ATHENS (Reuters) - Greece’s parliament on Saturday approved a bill providing health insurance to vulnerable citizens and offering municipality jobs for the unemployed as the left-led government tries to mitigate the impact of bailout austerity measures on the poor.
Prime Minister Alexis Tsipras, who made a U-turn on promises to end austerity and was forced to sign up to a new bailout last summer, was re-elected in September on pledges to implement the EU/IMF prescribed reforms.
The package of social justice measures is meant to appease critics who say the reforms parliament was forced to adopt under Greece’s third bailout programme are too tough.
Thousands of Greeks took to the streets in February to protest a planned pension reform which increases social security contributions and phases out benefits for low income pensioners.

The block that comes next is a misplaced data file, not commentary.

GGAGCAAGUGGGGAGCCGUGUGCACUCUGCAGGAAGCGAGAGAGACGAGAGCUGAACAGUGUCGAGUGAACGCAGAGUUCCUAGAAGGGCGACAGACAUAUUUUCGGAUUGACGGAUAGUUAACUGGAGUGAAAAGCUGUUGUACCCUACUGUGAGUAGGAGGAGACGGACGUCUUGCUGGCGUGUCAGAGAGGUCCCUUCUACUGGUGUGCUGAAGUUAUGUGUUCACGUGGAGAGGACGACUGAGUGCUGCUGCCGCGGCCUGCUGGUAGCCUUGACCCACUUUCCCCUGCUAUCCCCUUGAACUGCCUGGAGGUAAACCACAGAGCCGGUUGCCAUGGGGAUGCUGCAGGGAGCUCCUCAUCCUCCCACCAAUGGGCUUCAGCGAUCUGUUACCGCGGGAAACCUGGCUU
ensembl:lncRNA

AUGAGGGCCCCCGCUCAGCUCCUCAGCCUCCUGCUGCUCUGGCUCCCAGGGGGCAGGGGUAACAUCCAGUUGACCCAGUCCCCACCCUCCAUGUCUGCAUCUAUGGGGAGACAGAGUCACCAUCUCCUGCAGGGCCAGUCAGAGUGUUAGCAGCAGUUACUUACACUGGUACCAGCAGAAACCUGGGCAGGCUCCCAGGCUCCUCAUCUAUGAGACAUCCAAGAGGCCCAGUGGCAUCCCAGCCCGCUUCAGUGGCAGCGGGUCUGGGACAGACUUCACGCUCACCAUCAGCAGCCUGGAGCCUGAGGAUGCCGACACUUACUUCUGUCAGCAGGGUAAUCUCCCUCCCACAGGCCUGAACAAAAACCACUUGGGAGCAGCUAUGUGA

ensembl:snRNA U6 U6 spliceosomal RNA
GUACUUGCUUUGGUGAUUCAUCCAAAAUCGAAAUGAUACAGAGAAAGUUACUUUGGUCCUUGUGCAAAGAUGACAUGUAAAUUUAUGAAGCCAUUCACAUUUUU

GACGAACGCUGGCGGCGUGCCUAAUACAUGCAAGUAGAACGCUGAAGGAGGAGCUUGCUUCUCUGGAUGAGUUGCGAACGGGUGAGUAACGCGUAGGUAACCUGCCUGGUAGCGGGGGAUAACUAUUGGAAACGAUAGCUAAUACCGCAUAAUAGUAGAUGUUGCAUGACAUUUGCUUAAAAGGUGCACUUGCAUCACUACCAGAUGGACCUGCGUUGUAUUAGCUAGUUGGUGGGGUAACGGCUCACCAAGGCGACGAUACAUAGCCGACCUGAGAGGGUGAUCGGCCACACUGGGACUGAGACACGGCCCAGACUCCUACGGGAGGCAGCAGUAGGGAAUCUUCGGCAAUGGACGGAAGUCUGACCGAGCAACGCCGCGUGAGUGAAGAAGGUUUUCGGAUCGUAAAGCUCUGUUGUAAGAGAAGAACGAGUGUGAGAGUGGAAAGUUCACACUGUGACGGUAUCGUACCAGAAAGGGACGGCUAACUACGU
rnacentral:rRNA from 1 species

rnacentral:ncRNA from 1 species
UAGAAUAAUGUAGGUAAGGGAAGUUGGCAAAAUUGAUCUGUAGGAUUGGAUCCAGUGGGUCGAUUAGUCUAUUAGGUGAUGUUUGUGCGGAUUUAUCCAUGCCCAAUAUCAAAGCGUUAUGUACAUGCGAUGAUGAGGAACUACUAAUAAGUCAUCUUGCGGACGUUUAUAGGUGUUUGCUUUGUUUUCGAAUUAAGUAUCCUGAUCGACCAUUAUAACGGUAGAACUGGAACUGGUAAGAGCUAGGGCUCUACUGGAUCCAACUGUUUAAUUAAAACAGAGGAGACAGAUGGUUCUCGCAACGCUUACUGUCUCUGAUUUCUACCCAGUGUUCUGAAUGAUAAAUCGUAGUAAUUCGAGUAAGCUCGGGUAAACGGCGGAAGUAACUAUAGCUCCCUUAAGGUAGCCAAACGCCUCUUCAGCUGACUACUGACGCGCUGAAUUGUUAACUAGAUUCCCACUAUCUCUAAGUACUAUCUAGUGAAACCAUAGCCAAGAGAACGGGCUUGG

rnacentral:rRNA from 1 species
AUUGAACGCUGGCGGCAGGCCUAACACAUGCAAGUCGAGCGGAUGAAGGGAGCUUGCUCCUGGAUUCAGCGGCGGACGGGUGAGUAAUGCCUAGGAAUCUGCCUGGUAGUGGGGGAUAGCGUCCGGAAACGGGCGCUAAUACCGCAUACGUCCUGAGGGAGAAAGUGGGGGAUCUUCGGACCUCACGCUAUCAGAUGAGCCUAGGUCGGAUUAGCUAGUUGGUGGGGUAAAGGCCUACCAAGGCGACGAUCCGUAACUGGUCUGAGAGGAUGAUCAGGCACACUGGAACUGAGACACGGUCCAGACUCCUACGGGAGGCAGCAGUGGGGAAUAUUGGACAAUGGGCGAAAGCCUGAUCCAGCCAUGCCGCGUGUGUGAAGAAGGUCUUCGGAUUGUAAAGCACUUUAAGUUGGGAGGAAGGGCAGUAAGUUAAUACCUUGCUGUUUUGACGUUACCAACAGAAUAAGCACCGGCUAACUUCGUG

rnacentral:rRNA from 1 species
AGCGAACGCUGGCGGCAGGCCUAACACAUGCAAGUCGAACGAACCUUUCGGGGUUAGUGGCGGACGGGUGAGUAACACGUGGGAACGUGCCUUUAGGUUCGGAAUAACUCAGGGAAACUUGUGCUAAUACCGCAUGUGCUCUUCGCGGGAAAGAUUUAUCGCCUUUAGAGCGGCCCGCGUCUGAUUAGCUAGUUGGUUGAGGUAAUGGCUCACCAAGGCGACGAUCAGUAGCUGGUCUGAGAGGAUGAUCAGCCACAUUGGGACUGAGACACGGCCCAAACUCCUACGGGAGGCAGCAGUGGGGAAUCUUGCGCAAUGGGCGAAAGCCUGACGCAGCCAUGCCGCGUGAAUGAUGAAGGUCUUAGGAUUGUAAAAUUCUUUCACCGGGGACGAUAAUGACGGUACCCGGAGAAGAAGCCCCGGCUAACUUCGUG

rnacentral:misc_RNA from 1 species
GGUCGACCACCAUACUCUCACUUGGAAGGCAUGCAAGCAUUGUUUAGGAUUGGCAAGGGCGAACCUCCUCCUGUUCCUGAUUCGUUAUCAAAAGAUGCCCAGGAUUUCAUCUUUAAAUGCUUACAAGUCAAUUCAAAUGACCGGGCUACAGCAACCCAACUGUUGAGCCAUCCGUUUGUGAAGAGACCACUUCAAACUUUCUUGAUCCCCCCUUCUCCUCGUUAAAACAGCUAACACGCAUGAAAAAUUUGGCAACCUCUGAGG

The plan affects mainly self-employed professionals and farmers, who have been blockading roads and border crossings in protest for weeks.
The leftist government was forced to withdraw an initial “humanitarian crisis” bill from parliament in December, after its international lenders, also known in Athens as the EU/IMF quartet, threatened to withhold bailout funds in protest at not having been properly consulted.
Parliament approved parts of that bill by decree the following months and the remainder was approved on Saturday. Government officials have said foreign creditors have agreed to the bill in line with a procedure agreed under the bailout.
A Greek newspaper reported on Saturday that Greece’s EU lenders have been working on a plan to offer the country gradual debt relief on condition that it adopts additional reforms by 2022.
Reporting by Renee Maltezou; Editing by Angeliki Koutantou and Raissa Kasolowsky